Dealing with the Challenges of a Solaris-to-AIX Migration
I previously discussed benchmarks, efficiencies and features of AIX. Now I'll cover some of the challenges systems administrators who are more familiar with Solaris might encounter with the migration to AIX.
Both the AIX and Solaris systems are based on the AT&T System V, so users who use x-windows or any of the common shells should be comfortable. While the search paths for many of the common commands are different between the environments, and occasional differences exist in the format of shell command output, users will be happy to find most of their commands are available. They'll be equally happy that their shell scripts will work with, at most, minor tweaks and adjustments. It's a fact that the migration effort to move from Solaris systems to AIX systems isn't normally a significant challenge for the users.
The major differences fall into the systems administrator's lap. Let's start with the system-management interfaces. While Solaris has many system-management tools--such as Admin Tool, Admin Wizard, Management Console and Management Center--AIX has a tightly integrated system-management tool called the system management interface tool (SMIT). SMIT provides a consistent user interface, which can be used graphically or in text mode to add and delete users, manage peripherals, disks, networks, printers and more.
Solaris systems administrators are familiar with the OS and layered software product packages and clusters. AIX has a similar system for installing software, but the terminology is different. AIX administrators become familiar with the standard and conventions around the installation and update of file sets and bundles. However, there's one significant difference that Solaris administrators may enjoy: the two-step apply and committee of software products into the AIX OS.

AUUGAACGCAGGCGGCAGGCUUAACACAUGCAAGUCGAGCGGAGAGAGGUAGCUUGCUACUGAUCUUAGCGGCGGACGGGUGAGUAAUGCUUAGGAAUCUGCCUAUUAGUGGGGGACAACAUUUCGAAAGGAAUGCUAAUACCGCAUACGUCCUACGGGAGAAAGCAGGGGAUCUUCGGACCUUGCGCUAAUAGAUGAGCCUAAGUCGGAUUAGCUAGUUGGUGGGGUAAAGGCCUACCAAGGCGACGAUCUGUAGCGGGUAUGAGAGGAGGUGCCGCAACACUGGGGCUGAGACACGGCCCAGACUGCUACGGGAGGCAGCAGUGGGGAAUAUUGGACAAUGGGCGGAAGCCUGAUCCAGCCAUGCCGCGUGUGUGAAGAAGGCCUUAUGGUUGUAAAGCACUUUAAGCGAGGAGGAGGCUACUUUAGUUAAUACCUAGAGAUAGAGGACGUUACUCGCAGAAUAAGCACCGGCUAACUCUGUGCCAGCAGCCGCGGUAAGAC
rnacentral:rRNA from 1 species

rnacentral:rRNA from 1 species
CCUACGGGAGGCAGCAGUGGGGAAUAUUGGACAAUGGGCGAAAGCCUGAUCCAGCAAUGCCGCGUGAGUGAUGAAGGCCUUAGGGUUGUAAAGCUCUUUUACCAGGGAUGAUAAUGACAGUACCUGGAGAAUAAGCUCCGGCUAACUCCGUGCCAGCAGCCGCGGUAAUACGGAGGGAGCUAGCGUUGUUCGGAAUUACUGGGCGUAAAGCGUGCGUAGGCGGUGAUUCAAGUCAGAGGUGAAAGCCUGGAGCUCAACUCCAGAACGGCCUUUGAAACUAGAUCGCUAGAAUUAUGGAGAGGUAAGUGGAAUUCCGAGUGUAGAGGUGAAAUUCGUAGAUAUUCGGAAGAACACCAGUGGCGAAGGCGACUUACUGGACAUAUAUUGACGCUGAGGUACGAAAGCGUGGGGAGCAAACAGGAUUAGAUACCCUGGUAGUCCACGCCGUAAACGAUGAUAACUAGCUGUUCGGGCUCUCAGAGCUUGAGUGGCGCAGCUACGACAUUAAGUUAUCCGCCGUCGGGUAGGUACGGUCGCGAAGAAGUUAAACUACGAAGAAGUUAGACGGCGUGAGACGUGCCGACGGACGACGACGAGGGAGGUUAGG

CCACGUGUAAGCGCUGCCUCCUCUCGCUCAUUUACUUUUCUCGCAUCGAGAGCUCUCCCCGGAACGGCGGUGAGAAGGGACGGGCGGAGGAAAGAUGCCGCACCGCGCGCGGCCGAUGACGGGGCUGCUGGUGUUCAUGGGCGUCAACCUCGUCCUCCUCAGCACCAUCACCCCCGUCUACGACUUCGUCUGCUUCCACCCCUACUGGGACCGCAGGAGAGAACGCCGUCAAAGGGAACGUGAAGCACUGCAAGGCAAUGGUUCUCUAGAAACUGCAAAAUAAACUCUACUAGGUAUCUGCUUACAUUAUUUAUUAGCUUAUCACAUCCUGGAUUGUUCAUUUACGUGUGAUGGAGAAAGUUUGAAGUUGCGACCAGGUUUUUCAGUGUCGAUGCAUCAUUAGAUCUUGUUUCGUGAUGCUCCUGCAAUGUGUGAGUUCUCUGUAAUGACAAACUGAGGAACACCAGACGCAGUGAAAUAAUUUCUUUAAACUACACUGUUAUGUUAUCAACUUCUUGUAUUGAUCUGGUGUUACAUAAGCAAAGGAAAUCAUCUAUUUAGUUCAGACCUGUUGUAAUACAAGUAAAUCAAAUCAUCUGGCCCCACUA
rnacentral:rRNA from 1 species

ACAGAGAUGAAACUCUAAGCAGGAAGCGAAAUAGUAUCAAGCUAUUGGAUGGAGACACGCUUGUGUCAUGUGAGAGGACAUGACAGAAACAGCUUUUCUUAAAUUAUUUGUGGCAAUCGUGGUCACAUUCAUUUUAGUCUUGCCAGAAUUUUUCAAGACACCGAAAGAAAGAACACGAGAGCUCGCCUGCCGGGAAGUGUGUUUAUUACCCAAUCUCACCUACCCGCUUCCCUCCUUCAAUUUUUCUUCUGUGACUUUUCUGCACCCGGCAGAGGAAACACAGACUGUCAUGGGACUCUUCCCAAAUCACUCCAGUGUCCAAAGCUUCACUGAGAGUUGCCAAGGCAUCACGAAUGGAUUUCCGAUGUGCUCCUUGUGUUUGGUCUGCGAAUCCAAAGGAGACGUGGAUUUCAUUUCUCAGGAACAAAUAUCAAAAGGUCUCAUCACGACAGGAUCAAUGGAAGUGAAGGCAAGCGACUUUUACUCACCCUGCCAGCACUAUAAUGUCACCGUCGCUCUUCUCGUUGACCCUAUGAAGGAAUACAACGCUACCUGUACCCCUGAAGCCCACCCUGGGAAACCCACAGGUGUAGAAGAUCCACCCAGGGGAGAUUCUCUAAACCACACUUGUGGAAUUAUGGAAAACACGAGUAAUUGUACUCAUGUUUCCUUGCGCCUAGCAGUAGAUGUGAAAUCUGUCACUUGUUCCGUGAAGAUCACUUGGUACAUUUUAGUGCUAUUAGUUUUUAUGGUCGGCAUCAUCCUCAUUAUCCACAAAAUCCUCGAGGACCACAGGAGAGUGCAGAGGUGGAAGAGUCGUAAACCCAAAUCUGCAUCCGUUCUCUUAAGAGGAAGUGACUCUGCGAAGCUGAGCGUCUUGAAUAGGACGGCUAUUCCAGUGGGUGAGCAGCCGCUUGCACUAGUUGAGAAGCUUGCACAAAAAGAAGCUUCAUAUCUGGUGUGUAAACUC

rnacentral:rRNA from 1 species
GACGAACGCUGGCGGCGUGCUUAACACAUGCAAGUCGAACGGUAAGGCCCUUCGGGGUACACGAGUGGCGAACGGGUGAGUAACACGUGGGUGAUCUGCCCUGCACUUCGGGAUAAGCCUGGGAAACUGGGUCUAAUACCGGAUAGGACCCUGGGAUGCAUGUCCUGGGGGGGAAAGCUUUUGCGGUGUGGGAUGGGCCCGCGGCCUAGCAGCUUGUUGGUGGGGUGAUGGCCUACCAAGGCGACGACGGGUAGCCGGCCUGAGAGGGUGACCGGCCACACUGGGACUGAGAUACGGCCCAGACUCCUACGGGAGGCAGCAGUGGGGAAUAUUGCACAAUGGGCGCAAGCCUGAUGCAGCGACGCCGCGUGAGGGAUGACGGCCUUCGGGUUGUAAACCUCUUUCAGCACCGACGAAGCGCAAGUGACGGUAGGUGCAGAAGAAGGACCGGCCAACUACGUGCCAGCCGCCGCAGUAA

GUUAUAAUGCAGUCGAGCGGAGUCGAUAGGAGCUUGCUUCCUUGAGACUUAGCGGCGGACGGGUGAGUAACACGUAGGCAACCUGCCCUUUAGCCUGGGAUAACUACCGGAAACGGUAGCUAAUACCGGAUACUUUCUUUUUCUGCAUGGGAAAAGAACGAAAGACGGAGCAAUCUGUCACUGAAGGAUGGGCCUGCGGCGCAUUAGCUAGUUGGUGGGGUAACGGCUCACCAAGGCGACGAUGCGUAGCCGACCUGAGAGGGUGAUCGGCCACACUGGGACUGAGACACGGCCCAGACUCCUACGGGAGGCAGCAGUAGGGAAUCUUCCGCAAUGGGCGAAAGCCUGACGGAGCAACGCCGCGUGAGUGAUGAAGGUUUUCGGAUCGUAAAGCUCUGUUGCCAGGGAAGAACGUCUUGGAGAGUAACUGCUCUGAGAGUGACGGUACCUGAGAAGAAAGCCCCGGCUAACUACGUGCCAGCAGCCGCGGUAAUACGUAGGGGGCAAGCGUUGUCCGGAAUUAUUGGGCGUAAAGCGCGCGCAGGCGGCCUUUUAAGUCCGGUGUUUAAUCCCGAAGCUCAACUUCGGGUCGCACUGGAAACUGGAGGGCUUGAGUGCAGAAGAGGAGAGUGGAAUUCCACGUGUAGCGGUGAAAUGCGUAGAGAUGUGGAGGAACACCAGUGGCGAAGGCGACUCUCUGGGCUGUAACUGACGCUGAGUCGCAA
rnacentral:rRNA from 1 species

For AIX, software packages are applied to the operating system and then located in a special directory until fully tested by the administrators. Once the test is run, the system administrator will perform a second step called a commit. This two-stage process makes it easier for an administrator to uninstall packages and patches that fail to pass muster. This is AIX feature is unique in the UNIX world and provides for an administrative process that can improve the reliability and testability of the OS environment during its enhancement and upgrade.
Like the Solaris environment, both interactive installations from distribution media and network installation (such as Jumpstart and Web install) for the AIX environment are common. The Network Installation Manager (NIM) provides an easy-to-configure tool for the network installation and configuration of platforms.
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